If Americans sickened by the carnage of Iraq wish to stop an even more disastrous war on Iran, they had best get cracking.
For the “On-to-Baghdad!” boys are back, warning us that the only way to prevent an atom bomb from being detonated in an American city is to attack and destroy Iran’s nuclear sites. And the forces needed to execute an attack are moving into place. Army Gen. John Abizaid has been replaced as CENTCOM commander by Adm. “Fox” Fallon, commander of U.S. forces in the Pacific, who knows little about counterinsurgency but a lot about co-ordinating air strikes.
The carrier group Stennis is headed for the Gulf to join the Eisenhower. Minesweepers are headed for the Strait of Hormuz. American fighter-bombers have returned to Incirlik. Iranian officials have been seized in Iraq. Patriot missiles are being moved into Kuwait and Qatar. Why all this firepower—to secure Anbar province and Sadr City?
Bush’s anti-Iran rhetoric has been ratcheted up. Announcing his surge, Bush interjected that Tehran “is providing material support for attacks on American troops. … [W]e will seek out and destroy the networks providing advanced weaponry and training to our enemies in Iraq.” This threat was followed by shoot-to-kill orders to U.S. troops encountering Iranians aiding the insurgency.
And Democrats are not going to let Bush get to their right. At the Herzliya Conference, John Edwards said that keeping Iran from nuclear weapons “is the greatest challenge of our generation.” “To ensure that Iran never gets nuclear weapons, we need to keep all options on the table. Let me reiterate—all options.”
At AIPAC, Hillary echoed Edwards: “In dealing with this threat … no option can be taken off the table. … We need to use every tool about our disposal including … the threat and use of military force.”
To Mitt Romney, this was wimpish. For Hillary had said she favors “engagement” with Iran. Roared Romney to Hill Republicans, “[W]e don’t need a listening tour about Iran. … Someone who wants to engage Iran displays a troubling timidity toward a terrible threat of a nuclear Iran.”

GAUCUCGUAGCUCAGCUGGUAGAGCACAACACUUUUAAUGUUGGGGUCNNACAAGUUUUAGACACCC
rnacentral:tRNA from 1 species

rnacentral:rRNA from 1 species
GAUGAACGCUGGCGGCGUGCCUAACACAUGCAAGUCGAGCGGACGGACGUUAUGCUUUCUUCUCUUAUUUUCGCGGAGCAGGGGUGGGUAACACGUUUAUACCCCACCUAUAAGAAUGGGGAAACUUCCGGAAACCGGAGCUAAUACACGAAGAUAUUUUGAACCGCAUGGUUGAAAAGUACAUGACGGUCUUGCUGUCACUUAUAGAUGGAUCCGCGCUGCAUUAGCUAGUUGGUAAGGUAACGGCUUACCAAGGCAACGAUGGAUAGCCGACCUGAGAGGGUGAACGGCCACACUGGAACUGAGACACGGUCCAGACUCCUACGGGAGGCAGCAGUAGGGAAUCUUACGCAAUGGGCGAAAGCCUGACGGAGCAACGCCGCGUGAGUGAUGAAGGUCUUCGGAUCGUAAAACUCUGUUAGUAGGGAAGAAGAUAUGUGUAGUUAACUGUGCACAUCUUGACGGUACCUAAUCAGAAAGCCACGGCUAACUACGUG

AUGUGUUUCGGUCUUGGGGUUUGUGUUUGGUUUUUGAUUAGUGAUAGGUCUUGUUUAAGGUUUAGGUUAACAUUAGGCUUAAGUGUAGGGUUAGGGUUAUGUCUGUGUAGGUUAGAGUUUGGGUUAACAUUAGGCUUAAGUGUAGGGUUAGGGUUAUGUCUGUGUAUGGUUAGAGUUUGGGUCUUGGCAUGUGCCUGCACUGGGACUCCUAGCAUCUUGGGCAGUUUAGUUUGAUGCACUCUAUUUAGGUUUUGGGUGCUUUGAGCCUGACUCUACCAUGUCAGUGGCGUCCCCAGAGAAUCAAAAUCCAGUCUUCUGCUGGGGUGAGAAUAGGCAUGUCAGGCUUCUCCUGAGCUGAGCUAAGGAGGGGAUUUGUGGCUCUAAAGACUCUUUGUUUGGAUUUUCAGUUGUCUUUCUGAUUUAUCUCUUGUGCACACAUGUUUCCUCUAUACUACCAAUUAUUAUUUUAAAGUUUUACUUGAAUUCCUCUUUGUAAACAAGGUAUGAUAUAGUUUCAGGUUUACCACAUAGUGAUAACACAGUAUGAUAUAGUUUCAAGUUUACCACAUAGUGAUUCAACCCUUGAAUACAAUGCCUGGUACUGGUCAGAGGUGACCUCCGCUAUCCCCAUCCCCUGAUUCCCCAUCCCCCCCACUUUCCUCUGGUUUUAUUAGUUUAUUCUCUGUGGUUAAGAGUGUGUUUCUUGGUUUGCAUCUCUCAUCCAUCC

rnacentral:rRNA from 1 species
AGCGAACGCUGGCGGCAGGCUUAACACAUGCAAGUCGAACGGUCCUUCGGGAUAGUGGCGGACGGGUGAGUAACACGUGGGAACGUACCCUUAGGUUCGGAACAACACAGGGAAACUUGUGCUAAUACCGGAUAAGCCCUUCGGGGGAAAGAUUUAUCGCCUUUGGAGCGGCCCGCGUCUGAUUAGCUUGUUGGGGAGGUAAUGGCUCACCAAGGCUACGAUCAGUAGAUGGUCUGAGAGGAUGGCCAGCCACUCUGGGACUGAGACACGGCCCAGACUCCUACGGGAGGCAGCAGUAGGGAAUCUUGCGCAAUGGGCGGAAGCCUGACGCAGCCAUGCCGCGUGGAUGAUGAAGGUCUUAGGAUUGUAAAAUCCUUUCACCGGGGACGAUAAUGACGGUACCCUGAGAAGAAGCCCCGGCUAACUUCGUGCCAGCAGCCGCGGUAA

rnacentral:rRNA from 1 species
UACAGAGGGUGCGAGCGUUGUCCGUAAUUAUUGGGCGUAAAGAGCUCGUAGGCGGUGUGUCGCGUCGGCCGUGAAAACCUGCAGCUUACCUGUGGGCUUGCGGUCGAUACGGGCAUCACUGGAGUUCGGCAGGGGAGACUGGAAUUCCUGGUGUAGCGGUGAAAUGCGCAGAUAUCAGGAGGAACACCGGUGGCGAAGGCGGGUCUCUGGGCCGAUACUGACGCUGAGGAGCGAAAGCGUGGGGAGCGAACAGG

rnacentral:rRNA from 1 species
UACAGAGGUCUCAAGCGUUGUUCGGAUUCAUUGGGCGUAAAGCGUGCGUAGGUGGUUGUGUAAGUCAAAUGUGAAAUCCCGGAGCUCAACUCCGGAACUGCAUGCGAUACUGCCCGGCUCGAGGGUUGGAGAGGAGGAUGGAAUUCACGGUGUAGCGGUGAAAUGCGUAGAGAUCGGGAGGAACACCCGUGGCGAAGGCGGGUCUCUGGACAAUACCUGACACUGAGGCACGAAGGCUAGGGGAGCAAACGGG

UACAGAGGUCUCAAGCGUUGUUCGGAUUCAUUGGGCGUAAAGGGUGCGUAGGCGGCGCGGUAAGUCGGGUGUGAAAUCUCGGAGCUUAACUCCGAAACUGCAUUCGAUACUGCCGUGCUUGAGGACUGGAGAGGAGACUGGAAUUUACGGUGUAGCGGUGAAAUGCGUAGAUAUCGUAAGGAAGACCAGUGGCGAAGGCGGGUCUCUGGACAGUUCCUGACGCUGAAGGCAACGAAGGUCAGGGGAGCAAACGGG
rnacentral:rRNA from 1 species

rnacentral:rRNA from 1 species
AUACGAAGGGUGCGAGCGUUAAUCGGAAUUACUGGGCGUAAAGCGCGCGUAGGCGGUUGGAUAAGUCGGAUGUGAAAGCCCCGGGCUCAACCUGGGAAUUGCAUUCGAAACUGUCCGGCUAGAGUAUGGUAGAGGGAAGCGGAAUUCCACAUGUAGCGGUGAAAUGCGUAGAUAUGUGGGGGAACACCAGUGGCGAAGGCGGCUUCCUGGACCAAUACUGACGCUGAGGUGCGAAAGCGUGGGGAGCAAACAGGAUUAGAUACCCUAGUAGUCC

Anybody think that Giuliani and McCain will let Edwards, Hillary, or Mitt be more menacing toward Tehran than they?
Consider the correlation of forces behind a new war.
If Bush goes home with Iran’s nuclear program not shut down, his legacy will be Iraq and a failed presidency. The Bush Doctrine—no nukes in rogue states—will have been defied by Pyongyang and Tehran.
Israel wants Iran attacked yesterday. The neocons need a new war to make America forget the disaster that they wrought in Iraq. Democratic candidates must be seen as hawkish as Giuliani and McCain. And the deadline for Iran to comply with UN Security Council directives to halt its enrichment of uranium is Feb. 23. What then is holding us back from war?
It is the realization, even on the part of the noisiest hawks, that war on Iran could precipitate a disaster worse than defeat in Iraq. A Shia uprising against U.S. troops could turn the Green Zone into Dien Bien Phu. Attacks on tankers and pipelines could send oil to $200 a barrel. America would have no international support and would receive virtually universal condemnation.
And like the Japanese bombing of Pearl Harbor, bombing Iran could unite Iranians behind their rulers. Shia insurgencies could be ignited against Saudi Arabia and the Gulf states. Hezbollah could bring down the Lebanese government and attack Americans in the Middle East and perhaps here in the United States.
And what would an attack accomplish besides setting back an Iranian nuclear-enrichment program that by most reports is a bust?
What is the threat? Iran has no missiles that can reach us, no atom bombs. Though the Mullahs have been in power 27 years, they have yet to launch their first war. The war they fought was in self-defense. They can no more want a Sunni-Shia regional war than we, for they would be in the isolated minority. They want the Taliban kept out of Kabul and Iraq to remain united under a Shia majority, as do we.
It is said that we cannot negotiate with men responsible for the Khobar Towers. But Bush negotiated with Muammar al-Gaddafi, who was responsible for Pan Am 103, and Gaddafi agreed to forego nuclear weapons. Sanctions were lifted and relations restored.
If FDR can talk to Stalin, and Nixon to Mao, and Bush to the North Vietnamese (who tortured John McCain), why can’t we talk to Mullahs who held 52 Americans hostage for a year?
Rep. Walter Jones (R-N.C.) has introduced a resolution declaring that in the absence of an imminent threat or an attack upon us from Iran, President Bush has no authority to attack Iran.
Next step: get Chuck Hagel and Jim Webb to sign on.